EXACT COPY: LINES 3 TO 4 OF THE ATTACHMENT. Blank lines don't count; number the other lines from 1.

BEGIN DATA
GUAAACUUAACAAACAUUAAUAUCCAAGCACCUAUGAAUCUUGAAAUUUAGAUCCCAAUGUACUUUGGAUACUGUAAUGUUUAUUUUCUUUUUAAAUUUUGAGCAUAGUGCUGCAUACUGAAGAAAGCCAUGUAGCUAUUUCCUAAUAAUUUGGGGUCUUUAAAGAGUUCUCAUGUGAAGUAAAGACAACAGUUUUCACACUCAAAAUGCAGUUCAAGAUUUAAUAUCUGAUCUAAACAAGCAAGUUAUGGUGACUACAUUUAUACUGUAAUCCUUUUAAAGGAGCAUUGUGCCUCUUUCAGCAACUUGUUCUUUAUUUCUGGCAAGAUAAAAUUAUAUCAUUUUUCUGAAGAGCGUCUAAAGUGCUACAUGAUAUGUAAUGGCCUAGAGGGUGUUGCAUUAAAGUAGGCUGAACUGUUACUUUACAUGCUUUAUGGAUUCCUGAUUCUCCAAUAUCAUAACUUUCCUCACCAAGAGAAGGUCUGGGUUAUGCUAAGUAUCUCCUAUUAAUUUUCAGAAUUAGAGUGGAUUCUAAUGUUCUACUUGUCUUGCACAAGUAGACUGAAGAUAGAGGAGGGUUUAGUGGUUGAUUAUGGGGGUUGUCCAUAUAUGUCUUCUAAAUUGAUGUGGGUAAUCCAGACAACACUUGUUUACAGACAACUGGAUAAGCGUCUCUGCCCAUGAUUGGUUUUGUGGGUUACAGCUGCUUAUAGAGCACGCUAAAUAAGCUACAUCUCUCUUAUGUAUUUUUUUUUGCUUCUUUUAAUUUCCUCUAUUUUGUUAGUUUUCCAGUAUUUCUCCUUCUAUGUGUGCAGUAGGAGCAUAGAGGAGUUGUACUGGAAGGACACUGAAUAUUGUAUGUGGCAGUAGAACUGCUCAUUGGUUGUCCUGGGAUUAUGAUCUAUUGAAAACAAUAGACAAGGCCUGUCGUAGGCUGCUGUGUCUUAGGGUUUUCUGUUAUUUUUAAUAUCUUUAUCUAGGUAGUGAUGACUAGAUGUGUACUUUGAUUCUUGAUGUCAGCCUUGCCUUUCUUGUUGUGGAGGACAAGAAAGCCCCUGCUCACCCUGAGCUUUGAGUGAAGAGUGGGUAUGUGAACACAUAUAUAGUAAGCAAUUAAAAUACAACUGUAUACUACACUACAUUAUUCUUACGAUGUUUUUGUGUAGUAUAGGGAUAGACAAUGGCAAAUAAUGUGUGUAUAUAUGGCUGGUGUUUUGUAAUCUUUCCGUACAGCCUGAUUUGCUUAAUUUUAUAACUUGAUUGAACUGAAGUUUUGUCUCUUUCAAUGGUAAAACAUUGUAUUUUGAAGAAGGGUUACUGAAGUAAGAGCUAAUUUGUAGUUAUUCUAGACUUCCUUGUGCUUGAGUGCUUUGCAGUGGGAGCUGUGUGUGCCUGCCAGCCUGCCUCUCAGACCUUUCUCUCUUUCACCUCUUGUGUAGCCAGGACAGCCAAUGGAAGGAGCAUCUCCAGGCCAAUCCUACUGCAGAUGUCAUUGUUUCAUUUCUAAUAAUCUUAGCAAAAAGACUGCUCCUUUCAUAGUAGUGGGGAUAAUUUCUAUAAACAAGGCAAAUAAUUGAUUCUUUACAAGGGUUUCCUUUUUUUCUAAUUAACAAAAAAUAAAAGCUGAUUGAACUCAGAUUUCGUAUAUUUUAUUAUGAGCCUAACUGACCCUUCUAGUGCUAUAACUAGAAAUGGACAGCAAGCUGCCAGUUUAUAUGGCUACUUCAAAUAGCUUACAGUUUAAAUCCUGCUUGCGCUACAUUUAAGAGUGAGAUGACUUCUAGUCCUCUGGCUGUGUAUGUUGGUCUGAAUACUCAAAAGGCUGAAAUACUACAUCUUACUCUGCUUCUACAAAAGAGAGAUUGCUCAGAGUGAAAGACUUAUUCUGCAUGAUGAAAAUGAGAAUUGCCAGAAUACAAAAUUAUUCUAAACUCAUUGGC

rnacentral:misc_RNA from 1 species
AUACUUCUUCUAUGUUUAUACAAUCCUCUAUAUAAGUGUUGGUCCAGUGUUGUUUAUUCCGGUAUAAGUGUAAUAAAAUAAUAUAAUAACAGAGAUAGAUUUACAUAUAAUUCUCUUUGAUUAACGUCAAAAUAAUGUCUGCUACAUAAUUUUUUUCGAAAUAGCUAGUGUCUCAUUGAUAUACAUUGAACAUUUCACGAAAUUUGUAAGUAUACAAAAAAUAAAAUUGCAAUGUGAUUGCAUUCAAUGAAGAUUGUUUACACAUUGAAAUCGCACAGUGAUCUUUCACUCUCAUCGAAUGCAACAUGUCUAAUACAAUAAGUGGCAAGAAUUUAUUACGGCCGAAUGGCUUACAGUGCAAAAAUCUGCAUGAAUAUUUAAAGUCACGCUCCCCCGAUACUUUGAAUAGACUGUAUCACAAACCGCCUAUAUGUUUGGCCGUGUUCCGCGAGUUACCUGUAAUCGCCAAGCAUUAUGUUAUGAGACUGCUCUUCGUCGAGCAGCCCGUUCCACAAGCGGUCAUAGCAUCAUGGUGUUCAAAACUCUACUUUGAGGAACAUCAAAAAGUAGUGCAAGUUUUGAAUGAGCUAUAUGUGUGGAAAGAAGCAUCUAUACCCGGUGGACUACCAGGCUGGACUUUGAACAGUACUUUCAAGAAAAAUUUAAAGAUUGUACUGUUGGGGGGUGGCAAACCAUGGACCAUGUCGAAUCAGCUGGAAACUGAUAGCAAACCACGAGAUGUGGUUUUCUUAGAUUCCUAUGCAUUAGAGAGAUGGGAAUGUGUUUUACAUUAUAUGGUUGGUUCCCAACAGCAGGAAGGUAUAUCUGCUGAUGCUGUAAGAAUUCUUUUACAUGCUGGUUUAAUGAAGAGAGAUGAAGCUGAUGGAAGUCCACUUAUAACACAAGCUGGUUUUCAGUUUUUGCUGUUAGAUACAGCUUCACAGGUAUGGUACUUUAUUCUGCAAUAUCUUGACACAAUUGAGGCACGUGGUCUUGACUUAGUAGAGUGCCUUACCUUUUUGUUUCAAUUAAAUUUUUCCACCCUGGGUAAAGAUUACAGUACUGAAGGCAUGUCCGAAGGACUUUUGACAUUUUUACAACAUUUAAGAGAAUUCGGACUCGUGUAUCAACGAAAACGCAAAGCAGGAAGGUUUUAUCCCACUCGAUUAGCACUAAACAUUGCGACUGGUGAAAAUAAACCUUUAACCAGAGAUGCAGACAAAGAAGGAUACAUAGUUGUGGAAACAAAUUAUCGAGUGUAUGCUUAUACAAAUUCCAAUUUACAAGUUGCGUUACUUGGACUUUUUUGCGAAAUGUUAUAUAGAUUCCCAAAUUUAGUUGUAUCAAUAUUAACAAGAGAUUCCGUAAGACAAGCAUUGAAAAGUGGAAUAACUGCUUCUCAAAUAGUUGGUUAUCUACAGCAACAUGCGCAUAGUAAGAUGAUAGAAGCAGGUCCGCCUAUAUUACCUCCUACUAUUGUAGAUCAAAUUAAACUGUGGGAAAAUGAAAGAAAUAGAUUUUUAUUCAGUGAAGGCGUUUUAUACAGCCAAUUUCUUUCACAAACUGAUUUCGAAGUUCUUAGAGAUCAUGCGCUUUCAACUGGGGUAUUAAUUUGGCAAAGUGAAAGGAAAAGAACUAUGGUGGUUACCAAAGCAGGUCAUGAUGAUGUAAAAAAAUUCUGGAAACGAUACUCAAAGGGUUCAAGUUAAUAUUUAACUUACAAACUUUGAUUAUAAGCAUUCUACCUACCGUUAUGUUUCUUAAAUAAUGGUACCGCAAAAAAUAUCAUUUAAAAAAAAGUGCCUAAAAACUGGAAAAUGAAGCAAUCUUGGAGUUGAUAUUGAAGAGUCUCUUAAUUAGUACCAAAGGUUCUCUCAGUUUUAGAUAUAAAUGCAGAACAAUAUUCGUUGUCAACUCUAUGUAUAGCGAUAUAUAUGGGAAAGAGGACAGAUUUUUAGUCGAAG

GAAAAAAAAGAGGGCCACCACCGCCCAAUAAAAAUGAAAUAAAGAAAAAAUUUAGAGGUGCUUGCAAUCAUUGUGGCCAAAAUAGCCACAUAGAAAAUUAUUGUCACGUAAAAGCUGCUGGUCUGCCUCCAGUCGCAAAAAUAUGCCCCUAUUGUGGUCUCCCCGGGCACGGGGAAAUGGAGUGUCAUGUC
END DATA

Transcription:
AUACUUCUUCUAUGUUUAUACAAUCCUCUAUAUAAGUGUUGGUCCAGUGUUGUUUAUUCCGGUAUAAGUGUAAUAAAAUAAUAUAAUAACAGAGAUAGAUUUACAUAUAAUUCUCUUUGAUUAACGUCAAAAUAAUGUCUGCUACAUAAUUUUUUUCGAAAUAGCUAGUGUCUCAUUGAUAUACAUUGAACAUUUCACGAAAUUUGUAAGUAUACAAAAAAUAAAAUUGCAAUGUGAUUGCAUUCAAUGAAGAUUGUUUACACAUUGAAAUCGCACAGUGAUCUUUCACUCUCAUCGAAUGCAACAUGUCUAAUACAAUAAGUGGCAAGAAUUUAUUACGGCCGAAUGGCUUACAGUGCAAAAAUCUGCAUGAAUAUUUAAAGUCACGCUCCCCCGAUACUUUGAAUAGACUGUAUCACAAACCGCCUAUAUGUUUGGCCGUGUUCCGCGAGUUACCUGUAAUCGCCAAGCAUUAUGUUAUGAGACUGCUCUUCGUCGAGCAGCCCGUUCCACAAGCGGUCAUAGCAUCAUGGUGUUCAAAACUCUACUUUGAGGAACAUCAAAAAGUAGUGCAAGUUUUGAAUGAGCUAUAUGUGUGGAAAGAAGCAUCUAUACCCGGUGGACUACCAGGCUGGACUUUGAACAGUACUUUCAAGAAAAAUUUAAAGAUUGUACUGUUGGGGGGUGGCAAACCAUGGACCAUGUCGAAUCAGCUGGAAACUGAUAGCAAACCACGAGAUGUGGUUUUCUUAGAUUCCUAUGCAUUAGAGAGAUGGGAAUGUGUUUUACAUUAUAUGGUUGGUUCCCAACAGCAGGAAGGUAUAUCUGCUGAUGCUGUAAGAAUUCUUUUACAUGCUGGUUUAAUGAAGAGAGAUGAAGCUGAUGGAAGUCCACUUAUAACACAAGCUGGUUUUCAGUUUUUGCUGUUAGAUACAGCUUCACAGGUAUGGUACUUUAUUCUGCAAUAUCUUGACACAAUUGAGGCACGUGGUCUUGACUUAGUAGAGUGCCUUACCUUUUUGUUUCAAUUAAAUUUUUCCACCCUGGGUAAAGAUUACAGUACUGAAGGCAUGUCCGAAGGACUUUUGACAUUUUUACAACAUUUAAGAGAAUUCGGACUCGUGUAUCAACGAAAACGCAAAGCAGGAAGGUUUUAUCCCACUCGAUUAGCACUAAACAUUGCGACUGGUGAAAAUAAACCUUUAACCAGAGAUGCAGACAAAGAAGGAUACAUAGUUGUGGAAACAAAUUAUCGAGUGUAUGCUUAUACAAAUUCCAAUUUACAAGUUGCGUUACUUGGACUUUUUUGCGAAAUGUUAUAUAGAUUCCCAAAUUUAGUUGUAUCAAUAUUAACAAGAGAUUCCGUAAGACAAGCAUUGAAAAGUGGAAUAACUGCUUCUCAAAUAGUUGGUUAUCUACAGCAACAUGCGCAUAGUAAGAUGAUAGAAGCAGGUCCGCCUAUAUUACCUCCUACUAUUGUAGAUCAAAUUAAACUGUGGGAAAAUGAAAGAAAUAGAUUUUUAUUCAGUGAAGGCGUUUUAUACAGCCAAUUUCUUUCACAAACUGAUUUCGAAGUUCUUAGAGAUCAUGCGCUUUCAACUGGGGUAUUAAUUUGGCAAAGUGAAAGGAAAAGAACUAUGGUGGUUACCAAAGCAGGUCAUGAUGAUGUAAAAAAAUUCUGGAAACGAUACUCAAAGGGUUCAAGUUAAUAUUUAACUUACAAACUUUGAUUAUAAGCAUUCUACCUACCGUUAUGUUUCUUAAAUAAUGGUACCGCAAAAAAUAUCAUUUAAAAAAAAGUGCCUAAAAACUGGAAAAUGAAGCAAUCUUGGAGUUGAUAUUGAAGAGUCUCUUAAUUAGUACCAAAGGUUCUCUCAGUUUUAGAUAUAAAUGCAGAACAAUAUUCGUUGUCAACUCUAUGUAUAGCGAUAUAUAUGGGAAAGAGGACAGAUUUUUAGUCGAAG

GAAAAAAAAGAGGGCCACCACCGCCCAAUAAAAAUGAAAUAAAGAAAAAAUUUAGAGGUGCUUGCAAUCAUUGUGGCCAAAAUAGCCACAUAGAAAAUUAUUGUCACGUAAAAGCUGCUGGUCUGCCUCCAGUCGCAAAAAUAUGCCCCUAUUGUGGUCUCCCCGGGCACGGGGAAAUGGAGUGUCAUGUC